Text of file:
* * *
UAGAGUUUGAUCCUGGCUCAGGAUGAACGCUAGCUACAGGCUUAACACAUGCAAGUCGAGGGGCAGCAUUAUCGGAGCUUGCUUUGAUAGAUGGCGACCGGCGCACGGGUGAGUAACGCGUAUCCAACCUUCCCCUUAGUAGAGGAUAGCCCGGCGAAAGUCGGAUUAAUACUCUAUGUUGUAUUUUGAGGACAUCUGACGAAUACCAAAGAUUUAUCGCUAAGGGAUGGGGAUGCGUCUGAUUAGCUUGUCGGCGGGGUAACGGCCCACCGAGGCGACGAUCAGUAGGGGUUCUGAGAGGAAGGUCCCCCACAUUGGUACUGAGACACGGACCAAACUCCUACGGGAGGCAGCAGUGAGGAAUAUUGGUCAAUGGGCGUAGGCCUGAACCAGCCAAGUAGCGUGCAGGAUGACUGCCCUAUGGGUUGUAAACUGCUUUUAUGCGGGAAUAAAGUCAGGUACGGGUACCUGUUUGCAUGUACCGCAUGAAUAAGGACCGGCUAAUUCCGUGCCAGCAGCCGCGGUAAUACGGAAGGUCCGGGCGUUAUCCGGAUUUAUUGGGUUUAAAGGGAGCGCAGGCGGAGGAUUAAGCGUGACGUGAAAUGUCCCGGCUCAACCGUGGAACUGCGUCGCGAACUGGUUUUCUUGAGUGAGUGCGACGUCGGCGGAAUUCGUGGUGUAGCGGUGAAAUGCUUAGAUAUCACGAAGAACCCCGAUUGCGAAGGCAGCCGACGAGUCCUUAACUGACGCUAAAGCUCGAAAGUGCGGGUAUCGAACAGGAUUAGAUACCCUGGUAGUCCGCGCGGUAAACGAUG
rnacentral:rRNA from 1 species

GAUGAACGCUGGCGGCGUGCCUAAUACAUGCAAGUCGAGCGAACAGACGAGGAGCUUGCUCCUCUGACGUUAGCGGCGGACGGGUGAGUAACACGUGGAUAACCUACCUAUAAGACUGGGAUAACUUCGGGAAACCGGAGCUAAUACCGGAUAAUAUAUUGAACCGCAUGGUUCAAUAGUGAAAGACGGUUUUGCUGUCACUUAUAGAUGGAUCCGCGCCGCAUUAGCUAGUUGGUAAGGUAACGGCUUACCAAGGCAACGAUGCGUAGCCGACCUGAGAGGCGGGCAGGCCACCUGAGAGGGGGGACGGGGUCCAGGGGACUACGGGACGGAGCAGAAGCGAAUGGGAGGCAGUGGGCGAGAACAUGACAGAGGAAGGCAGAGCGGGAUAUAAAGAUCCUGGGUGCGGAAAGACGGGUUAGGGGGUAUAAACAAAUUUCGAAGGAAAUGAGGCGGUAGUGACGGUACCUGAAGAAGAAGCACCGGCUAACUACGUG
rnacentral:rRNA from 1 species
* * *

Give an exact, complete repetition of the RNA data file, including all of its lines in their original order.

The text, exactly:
UAGAGUUUGAUCCUGGCUCAGGAUGAACGCUAGCUACAGGCUUAACACAUGCAAGUCGAGGGGCAGCAUUAUCGGAGCUUGCUUUGAUAGAUGGCGACCGGCGCACGGGUGAGUAACGCGUAUCCAACCUUCCCCUUAGUAGAGGAUAGCCCGGCGAAAGUCGGAUUAAUACUCUAUGUUGUAUUUUGAGGACAUCUGACGAAUACCAAAGAUUUAUCGCUAAGGGAUGGGGAUGCGUCUGAUUAGCUUGUCGGCGGGGUAACGGCCCACCGAGGCGACGAUCAGUAGGGGUUCUGAGAGGAAGGUCCCCCACAUUGGUACUGAGACACGGACCAAACUCCUACGGGAGGCAGCAGUGAGGAAUAUUGGUCAAUGGGCGUAGGCCUGAACCAGCCAAGUAGCGUGCAGGAUGACUGCCCUAUGGGUUGUAAACUGCUUUUAUGCGGGAAUAAAGUCAGGUACGGGUACCUGUUUGCAUGUACCGCAUGAAUAAGGACCGGCUAAUUCCGUGCCAGCAGCCGCGGUAAUACGGAAGGUCCGGGCGUUAUCCGGAUUUAUUGGGUUUAAAGGGAGCGCAGGCGGAGGAUUAAGCGUGACGUGAAAUGUCCCGGCUCAACCGUGGAACUGCGUCGCGAACUGGUUUUCUUGAGUGAGUGCGACGUCGGCGGAAUUCGUGGUGUAGCGGUGAAAUGCUUAGAUAUCACGAAGAACCCCGAUUGCGAAGGCAGCCGACGAGUCCUUAACUGACGCUAAAGCUCGAAAGUGCGGGUAUCGAACAGGAUUAGAUACCCUGGUAGUCCGCGCGGUAAACGAUG
rnacentral:rRNA from 1 species

GAUGAACGCUGGCGGCGUGCCUAAUACAUGCAAGUCGAGCGAACAGACGAGGAGCUUGCUCCUCUGACGUUAGCGGCGGACGGGUGAGUAACACGUGGAUAACCUACCUAUAAGACUGGGAUAACUUCGGGAAACCGGAGCUAAUACCGGAUAAUAUAUUGAACCGCAUGGUUCAAUAGUGAAAGACGGUUUUGCUGUCACUUAUAGAUGGAUCCGCGCCGCAUUAGCUAGUUGGUAAGGUAACGGCUUACCAAGGCAACGAUGCGUAGCCGACCUGAGAGGCGGGCAGGCCACCUGAGAGGGGGGACGGGGUCCAGGGGACUACGGGACGGAGCAGAAGCGAAUGGGAGGCAGUGGGCGAGAACAUGACAGAGGAAGGCAGAGCGGGAUAUAAAGAUCCUGGGUGCGGAAAGACGGGUUAGGGGGUAUAAACAAAUUUCGAAGGAAAUGAGGCGGUAGUGACGGUACCUGAAGAAGAAGCACCGGCUAACUACGUG
rnacentral:rRNA from 1 species